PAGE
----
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Mother of All Evil


 Posted on: 6/3/2017 1

*Mother of All Evil*

Ever since the Islamic Republic of Pakistan was founded — or carved out of India — in August 1947, it has been in a precarious situation even in the best of times.

The creation of a new nationas a homeland for India's Muslims was Muhammed Ali Jinnah’s historic feat. Whenhe died in 1948, however, he had not succeeded in creating the nation'sidentity.

Millions of refugees pouredin from India after partition. They did not make themselves popular by quicklytaking over key positions in Pakistan's government, military andinfrastructure.

Many of them — currentPresident Pervez Musharraf's family included — came from Northern India, werebetter educated and had been in similar positions under the British already.

The "other"Pakistanis were simpler folks. Their field of expertise was in agriculture orbusiness — but not in administration. To add insult to injury, the newcomersquickly imposed Urdu as the national language on the reluctant speakers ofPunjabi or Sindhi.

Not that life was rosy forthe Punjabis or Sindhis before the arrival of the "Indians." Punjabilandlords always had an iron grip on their people. Bonded labor still exists inall but name — and a handful of powerful families have always controlled theprovince and its politics.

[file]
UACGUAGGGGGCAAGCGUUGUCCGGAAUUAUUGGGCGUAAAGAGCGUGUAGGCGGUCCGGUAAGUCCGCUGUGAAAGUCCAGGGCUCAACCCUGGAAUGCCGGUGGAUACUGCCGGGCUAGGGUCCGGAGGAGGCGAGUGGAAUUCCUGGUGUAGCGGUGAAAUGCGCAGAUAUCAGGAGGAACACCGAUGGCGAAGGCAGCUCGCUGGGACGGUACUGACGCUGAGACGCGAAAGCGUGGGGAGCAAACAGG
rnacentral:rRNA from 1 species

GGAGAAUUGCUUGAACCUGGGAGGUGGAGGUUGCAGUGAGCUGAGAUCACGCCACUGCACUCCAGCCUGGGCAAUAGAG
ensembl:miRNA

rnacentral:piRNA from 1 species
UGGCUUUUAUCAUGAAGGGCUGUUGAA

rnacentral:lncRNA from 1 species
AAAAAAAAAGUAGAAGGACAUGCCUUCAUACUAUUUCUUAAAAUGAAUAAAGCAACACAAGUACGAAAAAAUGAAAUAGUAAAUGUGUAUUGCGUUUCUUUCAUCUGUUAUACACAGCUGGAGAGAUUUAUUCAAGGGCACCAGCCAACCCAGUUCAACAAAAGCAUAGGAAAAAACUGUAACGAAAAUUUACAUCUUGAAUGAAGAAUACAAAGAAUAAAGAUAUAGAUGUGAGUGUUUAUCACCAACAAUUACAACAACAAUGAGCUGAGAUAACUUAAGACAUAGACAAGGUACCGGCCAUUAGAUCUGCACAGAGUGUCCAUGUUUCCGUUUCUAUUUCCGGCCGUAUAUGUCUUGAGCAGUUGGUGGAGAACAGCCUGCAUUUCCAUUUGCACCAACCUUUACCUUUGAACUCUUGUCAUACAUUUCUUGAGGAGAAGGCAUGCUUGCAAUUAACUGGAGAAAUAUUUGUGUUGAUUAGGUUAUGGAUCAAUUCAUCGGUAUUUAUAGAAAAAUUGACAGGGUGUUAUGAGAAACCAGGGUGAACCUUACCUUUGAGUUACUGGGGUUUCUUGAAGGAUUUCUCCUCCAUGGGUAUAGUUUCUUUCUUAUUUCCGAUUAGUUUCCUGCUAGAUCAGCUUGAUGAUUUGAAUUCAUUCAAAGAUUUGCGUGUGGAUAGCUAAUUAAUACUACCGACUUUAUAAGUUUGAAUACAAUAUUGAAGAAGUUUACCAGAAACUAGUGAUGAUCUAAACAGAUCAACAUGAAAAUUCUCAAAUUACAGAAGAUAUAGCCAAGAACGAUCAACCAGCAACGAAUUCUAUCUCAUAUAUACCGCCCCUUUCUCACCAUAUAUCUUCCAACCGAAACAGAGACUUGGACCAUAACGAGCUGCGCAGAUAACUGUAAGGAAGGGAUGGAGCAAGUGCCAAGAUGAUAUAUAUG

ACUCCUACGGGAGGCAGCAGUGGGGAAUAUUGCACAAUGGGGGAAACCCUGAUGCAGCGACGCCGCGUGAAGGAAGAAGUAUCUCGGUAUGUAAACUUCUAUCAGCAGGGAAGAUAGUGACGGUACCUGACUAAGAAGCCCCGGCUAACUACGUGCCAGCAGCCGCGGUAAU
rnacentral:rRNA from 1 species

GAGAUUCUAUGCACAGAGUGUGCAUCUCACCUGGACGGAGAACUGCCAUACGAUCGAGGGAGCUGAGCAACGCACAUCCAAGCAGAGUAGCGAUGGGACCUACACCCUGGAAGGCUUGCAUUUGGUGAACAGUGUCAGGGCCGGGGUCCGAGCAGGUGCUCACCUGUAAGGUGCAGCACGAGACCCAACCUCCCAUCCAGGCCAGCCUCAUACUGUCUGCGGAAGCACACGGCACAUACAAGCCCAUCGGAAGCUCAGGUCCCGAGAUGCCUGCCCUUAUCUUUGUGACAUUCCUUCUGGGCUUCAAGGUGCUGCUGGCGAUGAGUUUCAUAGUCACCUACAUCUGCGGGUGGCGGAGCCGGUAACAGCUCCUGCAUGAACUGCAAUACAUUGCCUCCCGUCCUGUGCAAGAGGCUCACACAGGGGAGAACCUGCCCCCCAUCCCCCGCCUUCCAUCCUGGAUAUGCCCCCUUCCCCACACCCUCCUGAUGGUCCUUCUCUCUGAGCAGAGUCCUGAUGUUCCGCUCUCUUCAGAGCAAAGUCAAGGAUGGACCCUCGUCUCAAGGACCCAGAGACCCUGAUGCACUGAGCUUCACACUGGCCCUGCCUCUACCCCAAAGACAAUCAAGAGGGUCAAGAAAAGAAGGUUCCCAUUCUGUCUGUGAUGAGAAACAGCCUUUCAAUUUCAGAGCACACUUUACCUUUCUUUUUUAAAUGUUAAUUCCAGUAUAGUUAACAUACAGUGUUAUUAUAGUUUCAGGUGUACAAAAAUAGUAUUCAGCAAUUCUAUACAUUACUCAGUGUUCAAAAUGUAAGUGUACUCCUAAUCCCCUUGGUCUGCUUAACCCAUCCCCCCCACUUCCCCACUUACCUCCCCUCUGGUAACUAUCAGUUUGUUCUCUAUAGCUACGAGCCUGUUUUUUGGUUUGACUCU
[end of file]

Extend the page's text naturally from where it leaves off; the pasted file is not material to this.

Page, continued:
Sindh, on the other hand,has been marred by movements which want to see the province — which isPakistan's economic foundation — autonomous, if not independent.

Pakistan's first PrimeMinister Liaqat Ali Khan was assassinated in 1951. In 1958, President IskanderMirza suspended the constitution with the help of the army, only to be forcedinto exile 20 days later. General Mohammad Ayub Khan then became Pakistan's firstmilitary leader.

What followed was a bizarrealternation between military rulers and civilian governments peppered with theoccasional assassination, political murder and mysterious accident which havemade Pakistani politics so lively.

Benazir Bhutto, who becamethe country's first female prime minister and everybody's darling in the Westin 1988, turned out to be a major disappointment.

From the start, there wereallegations that she somehow had a hand in the death of her predecessor,military ruler Muhammad Zia ul-Haq, who was killed in an airplane crash alongwith 28 senior military officers and the U.S. Ambassador to Pakistan.

Zia had been responsible forthe execution of Benazir's father, Prime Minister Zulfikar Ali Bhutto, in 1979.Benazir herself now lives in exile in Great Britain and the United ArabEmirates. Her husband Asif Ali Zardari — nicknamed “Mr. Ten Percent” —languishes in jail in Pakistan.